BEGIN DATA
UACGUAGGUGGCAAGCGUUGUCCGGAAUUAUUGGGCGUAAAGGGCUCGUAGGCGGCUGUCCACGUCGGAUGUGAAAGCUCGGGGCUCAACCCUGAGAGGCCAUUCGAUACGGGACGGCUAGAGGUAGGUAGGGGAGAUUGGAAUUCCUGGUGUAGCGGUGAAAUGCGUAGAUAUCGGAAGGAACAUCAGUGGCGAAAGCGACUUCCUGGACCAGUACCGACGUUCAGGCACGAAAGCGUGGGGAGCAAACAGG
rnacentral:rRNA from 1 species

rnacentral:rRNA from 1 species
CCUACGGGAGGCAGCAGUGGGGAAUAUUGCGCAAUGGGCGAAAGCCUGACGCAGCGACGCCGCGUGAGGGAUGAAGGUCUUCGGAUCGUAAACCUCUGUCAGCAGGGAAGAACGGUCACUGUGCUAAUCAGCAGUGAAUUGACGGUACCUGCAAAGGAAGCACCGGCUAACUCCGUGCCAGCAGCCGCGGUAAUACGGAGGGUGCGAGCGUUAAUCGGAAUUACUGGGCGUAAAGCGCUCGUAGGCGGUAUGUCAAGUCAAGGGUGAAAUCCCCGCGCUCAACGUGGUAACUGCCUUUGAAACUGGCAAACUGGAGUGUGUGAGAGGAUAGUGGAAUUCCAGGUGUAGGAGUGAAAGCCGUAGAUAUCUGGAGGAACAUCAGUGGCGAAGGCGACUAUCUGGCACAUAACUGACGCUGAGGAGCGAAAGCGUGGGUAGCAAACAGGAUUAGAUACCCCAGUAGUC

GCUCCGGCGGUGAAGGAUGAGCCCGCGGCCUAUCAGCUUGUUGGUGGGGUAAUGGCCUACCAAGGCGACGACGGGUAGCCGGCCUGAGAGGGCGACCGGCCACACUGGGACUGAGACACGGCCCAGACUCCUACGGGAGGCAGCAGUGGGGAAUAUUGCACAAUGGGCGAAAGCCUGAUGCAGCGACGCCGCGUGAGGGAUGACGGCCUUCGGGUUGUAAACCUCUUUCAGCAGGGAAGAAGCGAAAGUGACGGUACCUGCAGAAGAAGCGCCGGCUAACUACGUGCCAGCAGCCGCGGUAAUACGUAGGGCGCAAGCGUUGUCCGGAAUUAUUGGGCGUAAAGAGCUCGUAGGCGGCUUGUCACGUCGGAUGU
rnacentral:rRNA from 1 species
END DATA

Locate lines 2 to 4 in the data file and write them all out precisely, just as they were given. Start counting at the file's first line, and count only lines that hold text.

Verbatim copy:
rnacentral:rRNA from 1 species

rnacentral:rRNA from 1 species
CCUACGGGAGGCAGCAGUGGGGAAUAUUGCGCAAUGGGCGAAAGCCUGACGCAGCGACGCCGCGUGAGGGAUGAAGGUCUUCGGAUCGUAAACCUCUGUCAGCAGGGAAGAACGGUCACUGUGCUAAUCAGCAGUGAAUUGACGGUACCUGCAAAGGAAGCACCGGCUAACUCCGUGCCAGCAGCCGCGGUAAUACGGAGGGUGCGAGCGUUAAUCGGAAUUACUGGGCGUAAAGCGCUCGUAGGCGGUAUGUCAAGUCAAGGGUGAAAUCCCCGCGCUCAACGUGGUAACUGCCUUUGAAACUGGCAAACUGGAGUGUGUGAGAGGAUAGUGGAAUUCCAGGUGUAGGAGUGAAAGCCGUAGAUAUCUGGAGGAACAUCAGUGGCGAAGGCGACUAUCUGGCACAUAACUGACGCUGAGGAGCGAAAGCGUGGGUAGCAAACAGGAUUAGAUACCCCAGUAGUC